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Journal American Rhododendron Society

Current Editor:
Dr. Glen Jamieson ars.editor@gmail.com


Volume 15, Number 1
January 1961

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R. chlorops?
Carl Phetteplace, M.D., Eugene, Oregon

        I was much interested in the copy of your letter which was sent to the Rhododendron Species Committee about the rhododendron that we have been calling R. croceum and which, as you know, has raised questions in the minds of judges at different rhododendron shows as to its identity. You perhaps know that on one occasion as chairman of the judges I had it thrown out of the thomsonii series because it had seven lobes. This was at the rhododendron show in Eugene, Oregon, several years ago. Since that time, I have been in discussion with different people who possessed considerable knowledge about rhododendrons and there has been no one who was quite sure about it.
        In going through the Royal Botanical Gardens in Scotland with Mr. Davidian last spring, we came to a large plant, probably ten feet or more in height and as wide, which was in prime flower, well loaded and which Mr. Davidian told me very positively was R. chlorops. I was sure that it was identical with the one you have always thought was R. croceum. I discussed this with him to some extent and he is very positive that this was R. chlorops which is in the fortunei series and which I admit I had never heard of before. Since that time, I have found it in one of the handbooks, but apparently it has not been described in all of the books we have on species. The day I was there was not a particularly good day for getting pictures and I am sorry to say I do not have a good picture of it. Although I took two or three none of them were satisfactory. I can assure you though it was exactly like the one we have grown here that came from your collection. Most of the flowers have seven lobes though occasionally some have six, none with five. All of them were flat shaped and about the same size as the flowers on the plant you sold me. All of them had the same identical blotch in the throat. The leaves, as near as I could tell, were quite similar. Possibly, if you had the two together, you might see some little difference in the flower but I am quite sure there would not be any greater variation than what you would find in any of the well established species.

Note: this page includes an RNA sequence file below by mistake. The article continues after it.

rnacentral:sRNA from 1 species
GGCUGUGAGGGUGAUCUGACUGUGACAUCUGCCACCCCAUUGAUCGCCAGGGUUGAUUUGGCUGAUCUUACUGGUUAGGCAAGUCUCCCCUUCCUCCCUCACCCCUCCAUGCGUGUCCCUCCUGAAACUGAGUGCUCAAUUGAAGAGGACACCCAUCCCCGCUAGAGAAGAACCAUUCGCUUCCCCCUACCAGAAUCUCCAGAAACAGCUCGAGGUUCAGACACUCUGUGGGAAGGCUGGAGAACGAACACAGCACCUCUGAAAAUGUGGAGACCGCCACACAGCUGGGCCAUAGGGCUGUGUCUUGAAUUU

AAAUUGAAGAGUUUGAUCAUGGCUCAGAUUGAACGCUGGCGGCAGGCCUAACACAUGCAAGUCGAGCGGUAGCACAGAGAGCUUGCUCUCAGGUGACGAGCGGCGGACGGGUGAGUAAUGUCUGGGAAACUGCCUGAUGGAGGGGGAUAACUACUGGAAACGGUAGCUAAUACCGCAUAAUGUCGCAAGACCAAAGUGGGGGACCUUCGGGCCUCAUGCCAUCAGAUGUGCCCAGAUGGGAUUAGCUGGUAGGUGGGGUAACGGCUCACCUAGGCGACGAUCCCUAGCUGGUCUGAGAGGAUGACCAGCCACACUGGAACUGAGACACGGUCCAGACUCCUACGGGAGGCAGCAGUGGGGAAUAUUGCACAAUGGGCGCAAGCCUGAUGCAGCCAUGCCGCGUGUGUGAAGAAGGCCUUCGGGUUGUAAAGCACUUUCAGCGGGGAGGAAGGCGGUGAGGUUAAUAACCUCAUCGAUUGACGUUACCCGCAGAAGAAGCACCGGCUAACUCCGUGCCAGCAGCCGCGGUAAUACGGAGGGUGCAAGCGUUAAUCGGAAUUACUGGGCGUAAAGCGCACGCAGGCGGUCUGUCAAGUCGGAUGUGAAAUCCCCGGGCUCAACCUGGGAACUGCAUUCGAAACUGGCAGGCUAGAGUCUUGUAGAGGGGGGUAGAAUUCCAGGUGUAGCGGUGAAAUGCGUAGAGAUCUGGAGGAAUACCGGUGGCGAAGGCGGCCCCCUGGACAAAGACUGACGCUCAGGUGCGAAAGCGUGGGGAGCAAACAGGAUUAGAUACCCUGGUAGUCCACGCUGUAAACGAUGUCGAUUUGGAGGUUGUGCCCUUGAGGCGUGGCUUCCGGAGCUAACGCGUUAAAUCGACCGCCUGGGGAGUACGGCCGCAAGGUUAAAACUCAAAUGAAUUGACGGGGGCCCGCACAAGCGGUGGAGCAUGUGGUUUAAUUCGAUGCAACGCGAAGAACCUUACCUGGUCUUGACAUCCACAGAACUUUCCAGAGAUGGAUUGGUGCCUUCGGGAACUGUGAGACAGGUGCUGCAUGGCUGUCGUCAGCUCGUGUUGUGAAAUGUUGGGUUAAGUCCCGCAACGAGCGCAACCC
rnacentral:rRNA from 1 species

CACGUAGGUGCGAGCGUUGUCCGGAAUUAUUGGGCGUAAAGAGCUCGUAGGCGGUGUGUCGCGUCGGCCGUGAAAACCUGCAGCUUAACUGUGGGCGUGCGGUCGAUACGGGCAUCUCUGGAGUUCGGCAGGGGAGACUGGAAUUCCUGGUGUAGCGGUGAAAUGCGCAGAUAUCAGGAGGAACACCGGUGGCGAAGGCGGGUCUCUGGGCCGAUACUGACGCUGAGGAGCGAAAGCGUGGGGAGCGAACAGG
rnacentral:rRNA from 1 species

I have been very anxious to communicate further with Mr. Davidian and also with Dr. Fletcher at the Royal Botanical' Gardens to see if it is possible to get cuttings from this particular plant and grow them here so that eventually we might be able to compare them side by side. So far as I know, no one else has anything like it in this country and this was the only plant of this kind that I saw all through England and Scotland in the gardens I visited.
        I was there, of course, at the time this one was in flower, so it should have been noticed in other gardens if it were very common. Personally, I think it is a very fine thing. It does have many characteristics of a yellow R. thomsonii, especially so since the flower is so open and flat, which is more common in the thomsonii series than in the fortunei series.
        If you are interested in following this information further, it may be helpful to get from Mr. Davidian or Dr. Fletcher at the Royal Botanical Gardens some further information as to the plant expedition from which this seed grew. I was not able to find an explorers number on the plant when I was there. I can assure you that the plant loaded with these beautiful flowers was an exceptionally fine sight. It is surely a rhododendron that ranks with the very best and Mr. Davidian assured me that it was a genuine species and not a hybrid.
        I hope this information will be helpful to you. I have enjoyed the plant I got from you very much. Of course I am not sure our plants are R. chlorops. So you shouldn't change the name until we have more accurate information.


Volume 15, Number 1
January 1961

DLA Ejournal Home | QBARS Home | Table of Contents for this issue | Search JARS and other ejournals